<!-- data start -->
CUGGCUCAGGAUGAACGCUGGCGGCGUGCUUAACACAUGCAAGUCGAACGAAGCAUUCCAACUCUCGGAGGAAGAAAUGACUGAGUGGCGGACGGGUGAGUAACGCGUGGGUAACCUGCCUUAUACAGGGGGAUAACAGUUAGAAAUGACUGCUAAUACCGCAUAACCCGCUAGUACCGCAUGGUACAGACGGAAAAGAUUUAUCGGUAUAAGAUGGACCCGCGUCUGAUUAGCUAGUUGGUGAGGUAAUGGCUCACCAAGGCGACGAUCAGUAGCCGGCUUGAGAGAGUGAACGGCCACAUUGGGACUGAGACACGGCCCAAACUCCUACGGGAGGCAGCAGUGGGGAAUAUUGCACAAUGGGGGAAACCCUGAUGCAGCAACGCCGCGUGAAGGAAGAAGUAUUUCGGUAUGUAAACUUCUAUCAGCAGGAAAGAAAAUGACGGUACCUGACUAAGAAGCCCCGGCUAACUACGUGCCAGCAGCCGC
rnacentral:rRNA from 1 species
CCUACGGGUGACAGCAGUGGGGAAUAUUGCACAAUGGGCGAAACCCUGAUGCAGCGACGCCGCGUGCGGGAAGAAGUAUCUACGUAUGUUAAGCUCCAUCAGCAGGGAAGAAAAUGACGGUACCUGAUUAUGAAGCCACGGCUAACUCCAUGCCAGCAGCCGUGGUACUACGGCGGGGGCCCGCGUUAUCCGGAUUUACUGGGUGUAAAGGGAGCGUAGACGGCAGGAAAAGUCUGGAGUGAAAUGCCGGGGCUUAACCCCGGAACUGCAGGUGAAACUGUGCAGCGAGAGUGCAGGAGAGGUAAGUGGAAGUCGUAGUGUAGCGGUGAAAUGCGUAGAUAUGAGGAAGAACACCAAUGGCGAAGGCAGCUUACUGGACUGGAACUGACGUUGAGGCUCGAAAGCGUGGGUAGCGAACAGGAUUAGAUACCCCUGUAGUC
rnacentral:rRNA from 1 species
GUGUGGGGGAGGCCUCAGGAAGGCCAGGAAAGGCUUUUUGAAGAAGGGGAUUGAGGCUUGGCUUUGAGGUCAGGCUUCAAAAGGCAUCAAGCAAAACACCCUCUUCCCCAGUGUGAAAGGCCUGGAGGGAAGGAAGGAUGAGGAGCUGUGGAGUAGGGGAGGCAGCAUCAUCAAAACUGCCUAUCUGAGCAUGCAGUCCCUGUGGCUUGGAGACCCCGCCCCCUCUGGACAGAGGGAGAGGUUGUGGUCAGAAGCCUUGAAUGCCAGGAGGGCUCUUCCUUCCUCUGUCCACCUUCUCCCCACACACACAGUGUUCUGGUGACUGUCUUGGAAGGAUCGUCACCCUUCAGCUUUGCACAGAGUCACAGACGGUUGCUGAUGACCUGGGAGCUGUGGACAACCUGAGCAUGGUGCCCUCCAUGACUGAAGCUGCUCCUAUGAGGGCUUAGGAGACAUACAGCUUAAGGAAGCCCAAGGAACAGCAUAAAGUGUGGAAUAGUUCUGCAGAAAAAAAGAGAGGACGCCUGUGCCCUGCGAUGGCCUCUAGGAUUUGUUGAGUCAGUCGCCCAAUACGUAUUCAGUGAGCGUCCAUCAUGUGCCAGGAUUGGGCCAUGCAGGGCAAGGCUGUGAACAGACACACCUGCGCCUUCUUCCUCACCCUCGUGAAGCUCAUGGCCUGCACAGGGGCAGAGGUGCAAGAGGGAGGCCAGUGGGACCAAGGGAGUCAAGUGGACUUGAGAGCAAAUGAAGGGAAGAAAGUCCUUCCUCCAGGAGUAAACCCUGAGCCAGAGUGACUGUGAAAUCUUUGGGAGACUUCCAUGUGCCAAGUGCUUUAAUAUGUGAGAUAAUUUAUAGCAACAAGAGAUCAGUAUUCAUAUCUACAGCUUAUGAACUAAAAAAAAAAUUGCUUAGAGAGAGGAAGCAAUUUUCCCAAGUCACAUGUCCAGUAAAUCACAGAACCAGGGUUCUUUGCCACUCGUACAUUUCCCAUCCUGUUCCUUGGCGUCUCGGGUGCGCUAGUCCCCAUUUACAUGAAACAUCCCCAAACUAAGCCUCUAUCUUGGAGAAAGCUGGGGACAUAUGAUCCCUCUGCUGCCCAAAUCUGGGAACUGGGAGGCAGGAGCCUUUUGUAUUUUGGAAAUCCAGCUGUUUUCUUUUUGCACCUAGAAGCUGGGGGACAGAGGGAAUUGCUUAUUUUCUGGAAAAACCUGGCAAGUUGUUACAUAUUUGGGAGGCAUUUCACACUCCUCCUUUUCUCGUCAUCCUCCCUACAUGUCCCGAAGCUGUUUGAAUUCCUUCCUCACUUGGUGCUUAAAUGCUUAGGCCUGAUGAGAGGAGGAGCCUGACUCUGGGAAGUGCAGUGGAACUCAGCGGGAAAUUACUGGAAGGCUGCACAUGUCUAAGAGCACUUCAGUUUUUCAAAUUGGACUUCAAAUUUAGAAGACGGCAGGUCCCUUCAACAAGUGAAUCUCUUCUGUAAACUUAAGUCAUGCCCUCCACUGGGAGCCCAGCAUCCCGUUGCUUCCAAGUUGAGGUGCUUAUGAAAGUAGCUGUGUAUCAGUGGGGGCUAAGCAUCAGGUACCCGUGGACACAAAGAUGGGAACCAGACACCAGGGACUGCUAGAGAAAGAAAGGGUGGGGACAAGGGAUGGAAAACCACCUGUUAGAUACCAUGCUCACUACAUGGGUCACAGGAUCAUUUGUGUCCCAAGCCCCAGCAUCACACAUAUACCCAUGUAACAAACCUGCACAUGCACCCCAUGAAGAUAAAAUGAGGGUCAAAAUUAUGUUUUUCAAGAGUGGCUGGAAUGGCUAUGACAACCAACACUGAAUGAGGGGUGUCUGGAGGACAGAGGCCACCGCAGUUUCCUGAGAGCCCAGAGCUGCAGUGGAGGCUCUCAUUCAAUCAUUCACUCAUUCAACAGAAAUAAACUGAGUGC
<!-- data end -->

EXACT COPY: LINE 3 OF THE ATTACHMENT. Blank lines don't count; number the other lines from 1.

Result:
CCUACGGGUGACAGCAGUGGGGAAUAUUGCACAAUGGGCGAAACCCUGAUGCAGCGACGCCGCGUGCGGGAAGAAGUAUCUACGUAUGUUAAGCUCCAUCAGCAGGGAAGAAAAUGACGGUACCUGAUUAUGAAGCCACGGCUAACUCCAUGCCAGCAGCCGUGGUACUACGGCGGGGGCCCGCGUUAUCCGGAUUUACUGGGUGUAAAGGGAGCGUAGACGGCAGGAAAAGUCUGGAGUGAAAUGCCGGGGCUUAACCCCGGAACUGCAGGUGAAACUGUGCAGCGAGAGUGCAGGAGAGGUAAGUGGAAGUCGUAGUGUAGCGGUGAAAUGCGUAGAUAUGAGGAAGAACACCAAUGGCGAAGGCAGCUUACUGGACUGGAACUGACGUUGAGGCUCGAAAGCGUGGGUAGCGAACAGGAUUAGAUACCCCUGUAGUC